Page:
Dissenting Views on H.R. 701
“Despite the best intentions of the authors, H.R. 701 continues to fail on four critical points: 1) basic protections for private property owners; 2) fiscal responsibility of our current national parks and public lands; 3) rights for recreational access; 4) preserving the future of America’s farming communities.
“Under H.R. 701, private landowners who have taken the best care of their property are likely to be the first ones targeted for Land and Water Conservation Fund acquisition, since their land will have the highest values for wildlife. CARA penalizes sound private land management that promotes wildlife habitat, by increasing the land’s value, which leads to government agencies targeting those parcels for acquisition and additional regulations.
“As the government or a non-profit buys land in a small community, people are forced out of their homes. There is less business to keep a retail store running, a smaller congregation to keep a church’s doors open, and less reason to justify keeping a school or post office in the area. After a point, government land acquisition causes a community to lose critical mass, and it ceases to be a community.
“CARA places special emphasis on targeting inholders for acquisition. Inholders are owners of private property within and surrounded by government lands. They frequently provide the most accessible and sometimes the only supplies and campgrounds for visitors to national parks, forests and wildlife refuges. Many inholders have undeveloped property, use it for family recreation, and allow access through it to other parts of the park or forest.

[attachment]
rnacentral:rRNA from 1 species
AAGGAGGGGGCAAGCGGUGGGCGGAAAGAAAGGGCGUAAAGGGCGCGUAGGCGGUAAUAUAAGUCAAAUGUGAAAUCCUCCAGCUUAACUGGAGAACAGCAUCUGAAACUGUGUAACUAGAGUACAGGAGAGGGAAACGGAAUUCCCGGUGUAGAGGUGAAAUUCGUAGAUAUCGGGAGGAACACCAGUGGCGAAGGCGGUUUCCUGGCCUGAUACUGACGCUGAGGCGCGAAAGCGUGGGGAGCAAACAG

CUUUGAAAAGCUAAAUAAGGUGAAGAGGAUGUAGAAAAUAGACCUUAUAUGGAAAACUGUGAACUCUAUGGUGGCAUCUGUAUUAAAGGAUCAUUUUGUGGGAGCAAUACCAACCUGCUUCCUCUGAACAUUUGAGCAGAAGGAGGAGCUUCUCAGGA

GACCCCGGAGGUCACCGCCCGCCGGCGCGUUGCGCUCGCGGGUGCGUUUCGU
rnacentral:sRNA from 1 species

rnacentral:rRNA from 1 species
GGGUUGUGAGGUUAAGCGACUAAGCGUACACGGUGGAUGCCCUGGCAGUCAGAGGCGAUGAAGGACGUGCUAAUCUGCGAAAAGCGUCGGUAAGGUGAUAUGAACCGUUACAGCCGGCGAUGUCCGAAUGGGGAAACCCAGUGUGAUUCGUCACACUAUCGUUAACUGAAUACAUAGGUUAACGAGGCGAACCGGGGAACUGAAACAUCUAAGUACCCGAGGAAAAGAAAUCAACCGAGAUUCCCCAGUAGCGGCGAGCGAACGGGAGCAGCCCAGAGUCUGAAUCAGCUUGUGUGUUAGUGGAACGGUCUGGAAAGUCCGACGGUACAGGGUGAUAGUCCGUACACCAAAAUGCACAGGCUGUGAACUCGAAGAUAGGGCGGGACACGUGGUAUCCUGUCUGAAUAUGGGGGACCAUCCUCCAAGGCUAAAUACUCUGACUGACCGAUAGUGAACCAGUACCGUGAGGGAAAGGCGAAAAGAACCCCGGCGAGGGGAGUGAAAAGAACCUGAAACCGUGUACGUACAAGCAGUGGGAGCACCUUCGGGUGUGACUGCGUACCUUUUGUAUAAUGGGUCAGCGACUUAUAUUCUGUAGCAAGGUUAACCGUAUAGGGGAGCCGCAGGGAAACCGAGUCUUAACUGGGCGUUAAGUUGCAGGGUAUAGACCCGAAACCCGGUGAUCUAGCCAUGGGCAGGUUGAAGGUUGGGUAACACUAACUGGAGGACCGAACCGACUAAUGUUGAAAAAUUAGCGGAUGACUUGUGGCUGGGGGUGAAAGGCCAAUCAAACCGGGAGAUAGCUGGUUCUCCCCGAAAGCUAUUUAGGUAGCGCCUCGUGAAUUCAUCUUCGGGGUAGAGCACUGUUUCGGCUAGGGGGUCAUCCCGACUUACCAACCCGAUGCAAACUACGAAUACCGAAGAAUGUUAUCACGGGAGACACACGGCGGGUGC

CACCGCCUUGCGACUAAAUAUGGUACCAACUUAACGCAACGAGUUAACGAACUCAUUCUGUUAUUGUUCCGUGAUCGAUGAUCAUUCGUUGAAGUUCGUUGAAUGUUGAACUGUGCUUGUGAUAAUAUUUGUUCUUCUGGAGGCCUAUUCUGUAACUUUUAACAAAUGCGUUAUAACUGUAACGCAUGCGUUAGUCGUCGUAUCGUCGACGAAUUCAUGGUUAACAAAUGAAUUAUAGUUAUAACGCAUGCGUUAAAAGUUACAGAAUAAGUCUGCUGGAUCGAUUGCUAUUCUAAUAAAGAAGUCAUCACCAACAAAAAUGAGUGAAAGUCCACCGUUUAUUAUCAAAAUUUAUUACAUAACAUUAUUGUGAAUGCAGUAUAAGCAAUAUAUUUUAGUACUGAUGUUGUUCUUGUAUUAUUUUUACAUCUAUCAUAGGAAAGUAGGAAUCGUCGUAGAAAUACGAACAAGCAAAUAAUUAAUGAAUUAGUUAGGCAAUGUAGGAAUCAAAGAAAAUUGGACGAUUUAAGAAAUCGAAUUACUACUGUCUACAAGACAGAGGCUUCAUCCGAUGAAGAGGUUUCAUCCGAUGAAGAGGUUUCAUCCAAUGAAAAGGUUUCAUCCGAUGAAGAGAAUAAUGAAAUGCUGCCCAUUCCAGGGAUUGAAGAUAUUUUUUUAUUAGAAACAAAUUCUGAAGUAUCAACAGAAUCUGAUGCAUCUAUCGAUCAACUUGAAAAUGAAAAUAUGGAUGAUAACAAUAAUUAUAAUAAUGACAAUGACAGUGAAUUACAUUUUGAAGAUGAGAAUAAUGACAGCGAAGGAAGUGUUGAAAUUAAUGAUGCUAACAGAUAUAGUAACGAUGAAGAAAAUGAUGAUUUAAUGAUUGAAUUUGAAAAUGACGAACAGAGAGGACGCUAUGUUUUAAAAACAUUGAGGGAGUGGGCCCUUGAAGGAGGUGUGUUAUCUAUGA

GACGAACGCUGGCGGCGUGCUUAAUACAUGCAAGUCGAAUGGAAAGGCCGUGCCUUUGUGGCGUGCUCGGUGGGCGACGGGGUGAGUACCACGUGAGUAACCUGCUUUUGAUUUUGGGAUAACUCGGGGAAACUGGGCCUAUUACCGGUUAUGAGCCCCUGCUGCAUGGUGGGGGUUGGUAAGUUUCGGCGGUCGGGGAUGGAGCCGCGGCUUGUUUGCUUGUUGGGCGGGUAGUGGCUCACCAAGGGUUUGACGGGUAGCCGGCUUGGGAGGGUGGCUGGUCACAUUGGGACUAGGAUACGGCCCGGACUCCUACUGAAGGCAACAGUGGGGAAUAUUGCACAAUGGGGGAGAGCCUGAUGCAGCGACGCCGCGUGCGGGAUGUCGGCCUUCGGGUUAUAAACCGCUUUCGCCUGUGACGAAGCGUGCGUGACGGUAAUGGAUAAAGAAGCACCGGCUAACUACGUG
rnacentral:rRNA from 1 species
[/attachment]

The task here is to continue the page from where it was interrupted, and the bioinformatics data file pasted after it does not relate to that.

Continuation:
“Even though there is greatly increased demand for recreation, in the last 25 years, the number of privately operated campgrounds has declined by more than 30%. This has deprived inholders of a source of income and tourists and visiting families access to their own federal lands. CARA, with its unprecedented funding and power of condemnation, is a direct threat to recreational access for all Americans.
“As authorizers, it is negligent to continue ignoring the $5 billion maintenance backlog in our existing national parks and other federal lands that has been identified by the Appropriations Committee’s subcommittee on Interior. Unfortunately, this is exactly what CARA does. This backlog includes maintaining trails, park benches, roads, public bathrooms and improved housing and administrative offices for land management agency employees. We believe that the federal government should be properly maintaining and managing what it already owns, before approving a trust fund that will finance massive new land acquisitions.”
Helen Chenoweth-Hage (R-ID)
Barbara Cubin (R-WY)
John Doolittle (R-CA)
Jim Gibbons (R-NV)
John Peterson (R-PA)
George Radanovich (R-CA)
Mike Simpson (R-ID)
Bob Schaffer (R-CO)
Mac Thornberry (R-TX)